Tag Archive | trees

Giving Thanks, by Jonathan London

Giving Thanks, by Jonathan London

“Of course my young friends call me a tree hugger,” says author Jonathan London. “But they’re right. I am.” And he celebrates nature in his 2003 book, Giving Thanks. London teamed up with Gregory Manchess, a self-taught illustrator who also lives on the west coast, who calls their book “a timeless expression of love for nature and of understanding our place in the realm of life.” And according to the book’s jacket, author London admits that just like the characters in his story, “I give thanks to the things of nature every day.”

In the story, the father says a thank-you for the day every day, to Mother Earth and to Father Sky. “Like his Indian friends – singers and storytellers – Dad believes that the things of nature a gift,” London writes. While he explains his philosophy, they stroll through some amazing scenery. A raccoon scurries as they walk under purple clouds. And as the sky turns blue, a tiny frog hides in the tall grass.

It’s the illustrations that really give the story its visual impact. (On the book’s jacket Manchess is identified as a “self-taught illustrator,” and I found myself wondering if that gave his pictures an extra wildness.) Gregory Manchess is like an impressionist Edward Hopper, capturing the light and shadows on the house and the trees around it, while using soft edges to suggest the shapes. He contributes a gorgeous watercolor for the title page – with swatches of yellow-white representing the clouds at sunset, covering a purple sky. The color scheme continues on the next page, where those colors are now covered by the dark-green silhouettes of a pine tree’s leaf, and the amber horizon of a hill is visible in the background, and at its base is a row of distant trees.

The father says a thank you to “the wild mushrooms that smell like pumpkins.” He thanks the trees, with their spectacular red and yellow autumn foliage. There’s an exciting drawing of a fox leaping off over a yellow field. There’s tracks of a deer, and a flock of scattering quails – and the father thanks them all.

Though it’s a simple story, it keeps getting more and more interesting, thanks to Machess’s imaginative illustrations. When London mentions a hawk, “high in the sky,” Manchess switches to a panoramic aerial view, with the hawk’s wings in the foreground and a yellow forest beneath. In the next illustration, it’s just the yellow of the sunset, and the hawk is disappearing among the last clouds. But then there’s a spectacular moonrise over an ancient and twisted tree.

And then the father gives thanks to the moon.

A Tree is Nice by Janice May Udry

A Tree is Nice, by Janice May Udry

It won the Caldecott Medal in 1956 – but the pictures are timeless. Marc Simont illustrated two of James Thurber’s books, according to the book’s jacket, and had also written and illustrated several books of his own. For A Tree is Nice, he teamed up with Janice May Udry, who grew up in “a city famous for its elm trees.” After leaving Jacksonville, Illinois, she’d moved to the south, where she searched for a beautiful tree that could grow quickly – and for Simont’s next project, she wrote about trees.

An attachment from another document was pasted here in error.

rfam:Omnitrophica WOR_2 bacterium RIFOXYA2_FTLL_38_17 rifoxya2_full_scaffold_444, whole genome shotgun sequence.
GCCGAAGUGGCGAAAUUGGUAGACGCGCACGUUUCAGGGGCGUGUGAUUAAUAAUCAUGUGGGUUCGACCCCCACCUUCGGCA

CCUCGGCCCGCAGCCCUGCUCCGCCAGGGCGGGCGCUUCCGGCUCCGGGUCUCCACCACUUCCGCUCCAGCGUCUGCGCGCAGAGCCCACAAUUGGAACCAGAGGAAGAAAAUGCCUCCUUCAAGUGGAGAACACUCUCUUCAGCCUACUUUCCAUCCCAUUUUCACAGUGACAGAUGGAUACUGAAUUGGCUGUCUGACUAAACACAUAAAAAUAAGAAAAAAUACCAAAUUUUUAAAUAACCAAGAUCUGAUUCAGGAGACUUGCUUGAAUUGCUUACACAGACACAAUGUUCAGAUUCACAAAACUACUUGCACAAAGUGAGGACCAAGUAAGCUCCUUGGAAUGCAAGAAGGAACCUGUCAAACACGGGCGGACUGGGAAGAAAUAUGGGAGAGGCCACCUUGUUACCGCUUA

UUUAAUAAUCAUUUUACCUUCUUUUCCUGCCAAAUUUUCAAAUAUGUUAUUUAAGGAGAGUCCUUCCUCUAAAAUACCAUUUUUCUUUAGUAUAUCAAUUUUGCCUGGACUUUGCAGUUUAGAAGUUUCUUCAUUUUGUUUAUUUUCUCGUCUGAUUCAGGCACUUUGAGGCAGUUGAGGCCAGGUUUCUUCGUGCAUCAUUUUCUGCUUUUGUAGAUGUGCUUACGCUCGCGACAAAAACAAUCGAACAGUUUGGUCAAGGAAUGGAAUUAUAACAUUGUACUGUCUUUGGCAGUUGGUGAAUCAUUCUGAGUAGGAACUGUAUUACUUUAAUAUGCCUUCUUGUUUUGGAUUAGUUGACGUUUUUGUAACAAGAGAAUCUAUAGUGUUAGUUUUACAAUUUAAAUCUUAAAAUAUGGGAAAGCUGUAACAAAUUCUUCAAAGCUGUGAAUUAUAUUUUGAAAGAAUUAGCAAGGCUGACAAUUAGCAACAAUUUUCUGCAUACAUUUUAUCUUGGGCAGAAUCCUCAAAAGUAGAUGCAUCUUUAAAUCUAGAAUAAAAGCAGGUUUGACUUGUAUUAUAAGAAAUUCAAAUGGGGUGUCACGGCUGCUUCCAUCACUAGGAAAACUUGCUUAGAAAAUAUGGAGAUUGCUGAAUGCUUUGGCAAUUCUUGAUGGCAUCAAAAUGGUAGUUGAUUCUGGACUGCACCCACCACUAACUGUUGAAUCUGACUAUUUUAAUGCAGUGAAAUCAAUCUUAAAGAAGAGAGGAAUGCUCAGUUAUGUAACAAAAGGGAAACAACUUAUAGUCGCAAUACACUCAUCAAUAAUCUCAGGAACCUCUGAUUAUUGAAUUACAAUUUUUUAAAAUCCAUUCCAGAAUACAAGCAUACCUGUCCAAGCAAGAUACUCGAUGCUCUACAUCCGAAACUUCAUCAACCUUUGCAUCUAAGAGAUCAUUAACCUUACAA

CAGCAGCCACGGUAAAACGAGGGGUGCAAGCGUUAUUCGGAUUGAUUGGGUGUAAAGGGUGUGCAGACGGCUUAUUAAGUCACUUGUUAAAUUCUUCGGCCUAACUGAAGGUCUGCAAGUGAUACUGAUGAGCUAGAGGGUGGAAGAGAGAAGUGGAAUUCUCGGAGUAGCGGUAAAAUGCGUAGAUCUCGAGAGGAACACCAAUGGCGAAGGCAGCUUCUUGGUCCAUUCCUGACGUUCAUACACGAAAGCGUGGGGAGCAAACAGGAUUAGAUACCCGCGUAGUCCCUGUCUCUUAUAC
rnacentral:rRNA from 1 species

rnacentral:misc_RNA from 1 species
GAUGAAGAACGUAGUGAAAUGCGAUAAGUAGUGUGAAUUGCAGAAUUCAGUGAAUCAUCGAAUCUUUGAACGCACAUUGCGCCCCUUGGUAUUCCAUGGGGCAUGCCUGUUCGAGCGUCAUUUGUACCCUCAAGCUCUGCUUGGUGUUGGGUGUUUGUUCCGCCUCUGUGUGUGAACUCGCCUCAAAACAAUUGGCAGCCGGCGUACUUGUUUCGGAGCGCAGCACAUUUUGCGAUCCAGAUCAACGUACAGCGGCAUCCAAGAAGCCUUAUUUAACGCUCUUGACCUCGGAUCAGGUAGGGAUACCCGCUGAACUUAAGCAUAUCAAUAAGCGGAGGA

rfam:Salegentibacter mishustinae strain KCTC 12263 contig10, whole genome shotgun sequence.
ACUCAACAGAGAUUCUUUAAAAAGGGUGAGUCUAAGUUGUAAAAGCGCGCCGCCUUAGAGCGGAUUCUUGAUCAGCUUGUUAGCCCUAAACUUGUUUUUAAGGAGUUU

“Trees are very nice,” the book begins. “They fill up the sky.” But it’s not a story as much as an open-ended meditation. Simont draws a boy fishing in a stream, as Udry writes that trees are found by rivers, and also on hills. “Trees make the woods,” she writes simply, and feels compelled add a personal response. “They make everything beautiful.”

There’s a sketch of a child in the crook of a tree’s branch, and a title page illustration that looks like a cartoon. Throughout the book, Simont switches between color and black-and-white white illustrations, which makes each drawing a little more surprising. There’s a horse in the shadow of a tree, with the white page representing a bright field. And the next page shows brilliant autumn colors, with reds and yellows in the leaves of the trees.

Udry lists out the things you can do with a tree. You can play in a pile of leaves, or rake them into a bonfire. You can climb it, or pretend it’s a ship, and if it’s an apple tree, pick it’s fruit! “Cats get away from dogs by going up the tree,” Udry adds “Birds build nests in trees and live there.” They’re all facts that we’ve heard before, but it’s strangely ompelling to see them collected together.

“Sticks come off the trees too. We draw in the sand with the sticks.” The book has a simplicity that’s almost zen-like, as Udry simply continues listing out the uses for a tree. “A tree is nice to hang a swing in… It is a good place to lean your hoe while you rest.” It’s a fond book, and enthusiastic – and Udry resists the pressure to dream up a story. It takes a certain amount of integrity to simply share all the details, and let the trees speak for themselves.

There’s three pages about shade – with trees sheltering cows, houses, and even people on a picnic. “The tree holds of the wind and keeps the wind from blowing the roof off the house…” But the secret agenda of the book lies in its final pages, saying that a tree is nice…to plant.

Udry ultimately says that planting a tree makes other people want to plant one themselves.